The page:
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Meta facing massive fines as European Union cracks down technology giants


The European Union has accused Meta, the American multinational technology conglomerate, of breaking antitrust rules opening the way for the company to face potential fines of billions of Euros.

If found guilty, the Facebook owner would face a fine of up to 10 per cent of its annual global revenue which works out at a staggering Euros 11.1 billion ($11.8 billion) according to Meta’s latest financial results.

The news about Meta comes as Inc. settled European Union antitrust investigations over how the U.S. ecommerce giant uses rivals’ sales data and whether it unfairly favours its own products. The European Commission, the Executive of the EU, accepted proposals from Amazon, including a vow to stop using non-public data on independent sellers on its marketplace for its competing retail business.

The Commission’s stance on Meta shows it remains committed to challenging major corporations operating in its sphere of influence. The Commission said it took issue with Meta tying its online classified ad business, Facebook Marketplace, to Facebook which means users have access to Marketplace “whether they want it or not”.

A Statement of Objections is the first step the Commission takes when it begins an investigation into what it believes are a violation of E.U. antitrust rules which are aimed at encouraging competition by limiting the market power of any particular firm.

“The Commission takes issue with Meta tying its online classified ads service, Facebook Marketplace, to its personal social network, Facebook. The Commission is also concerned that Meta is imposing unfair trading conditions on Facebook Marketplace’s competitors for its own benefit,” the commission said in a statement.

Meta has disputed the Commission's allegations that Facebook Marketplace detracts from competitors, the Associated Press reported.  The Commission also said Meta imposes unfair trading conditions on rival ads on Instagram or Facebook by using the data from the ads to benefit Marketplace. Meta can plead its case orally at hearing or in writing.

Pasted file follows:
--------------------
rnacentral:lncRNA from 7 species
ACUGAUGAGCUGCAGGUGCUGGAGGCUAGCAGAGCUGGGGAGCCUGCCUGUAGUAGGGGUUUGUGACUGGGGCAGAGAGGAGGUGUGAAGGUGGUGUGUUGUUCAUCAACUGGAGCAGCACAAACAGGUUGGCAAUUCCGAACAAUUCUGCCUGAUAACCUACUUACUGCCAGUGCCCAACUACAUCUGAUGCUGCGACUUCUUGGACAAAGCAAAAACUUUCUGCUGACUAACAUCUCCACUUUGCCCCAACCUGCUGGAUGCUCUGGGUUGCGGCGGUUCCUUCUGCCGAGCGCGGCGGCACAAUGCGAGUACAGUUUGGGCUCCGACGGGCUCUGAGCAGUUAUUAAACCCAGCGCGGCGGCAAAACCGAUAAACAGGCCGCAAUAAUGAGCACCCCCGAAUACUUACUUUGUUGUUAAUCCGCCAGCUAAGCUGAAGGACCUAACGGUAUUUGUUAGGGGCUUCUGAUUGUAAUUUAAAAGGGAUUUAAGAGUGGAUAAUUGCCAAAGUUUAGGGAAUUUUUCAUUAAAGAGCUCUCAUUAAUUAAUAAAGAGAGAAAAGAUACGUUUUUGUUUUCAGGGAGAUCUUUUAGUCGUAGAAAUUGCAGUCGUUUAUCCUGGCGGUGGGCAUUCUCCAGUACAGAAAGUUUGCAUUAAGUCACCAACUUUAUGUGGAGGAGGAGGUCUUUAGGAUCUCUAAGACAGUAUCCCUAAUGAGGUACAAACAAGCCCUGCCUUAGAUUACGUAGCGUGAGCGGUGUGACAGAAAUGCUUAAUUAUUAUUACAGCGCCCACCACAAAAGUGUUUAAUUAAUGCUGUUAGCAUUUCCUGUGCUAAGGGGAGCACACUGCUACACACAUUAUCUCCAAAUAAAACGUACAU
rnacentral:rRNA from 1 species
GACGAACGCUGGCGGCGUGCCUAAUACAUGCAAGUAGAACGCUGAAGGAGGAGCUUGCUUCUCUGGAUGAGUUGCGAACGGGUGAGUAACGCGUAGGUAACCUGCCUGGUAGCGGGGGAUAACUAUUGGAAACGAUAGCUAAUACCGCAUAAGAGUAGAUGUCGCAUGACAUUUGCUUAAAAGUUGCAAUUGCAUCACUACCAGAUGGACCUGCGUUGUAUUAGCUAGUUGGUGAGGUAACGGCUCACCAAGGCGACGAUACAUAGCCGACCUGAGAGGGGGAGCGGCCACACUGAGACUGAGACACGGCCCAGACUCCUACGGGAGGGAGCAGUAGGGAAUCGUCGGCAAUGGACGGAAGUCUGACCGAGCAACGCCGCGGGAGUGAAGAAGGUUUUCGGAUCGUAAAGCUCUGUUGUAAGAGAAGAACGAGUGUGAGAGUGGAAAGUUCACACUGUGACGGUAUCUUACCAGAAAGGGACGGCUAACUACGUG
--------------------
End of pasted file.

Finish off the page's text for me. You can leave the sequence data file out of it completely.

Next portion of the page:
"The claims made by the European Commission are without foundation," said European Facebook competition head Tim Lamb. "We will continue to work with regulatory authorities to demonstrate that our product innovation is pro-consumer and pro-competitive."

The EU and Britain both said last year their competition watchdogs had opened twin investigations into the company’s classified business. Irish data regulators imposed a  Euros 259 million ($275 million) fine last month, bringing the total amount of fines against the tech giant to more than Euros 849 million ($900 million) since last year.

Earlier this year, the EU fined Google Euros 4.125 billion ($4.370 billion) for breaking antitrust laws relating to its Android mobile operating system.

While individual directors and officers can be subject to claims based on their companies' alleged antitrust violations, the individuals do have a variety of defences and protections. These defences and protections include the business judgment rule; exculpatory clauses; indemnification; advancement; and insurance. The business judgment rule and exculpatory clauses provide defences to liability. Indemnification, advancement, and insurance provide the individuals with protection against the costs of defence and liabilities in the form of settlements and judgments.

D&O insurance can be an important part of the protections available to corporate officials who are targeted for their company's antitrust violations. However, these policies frequently contain exclusions for criminal misconduct. W Denis have been arranging D&O insurance for over 40 years and If you would like to discuss this insurance, or obtain a competitive quotation please contact Vida Jarasiunaite or Mark Dutton

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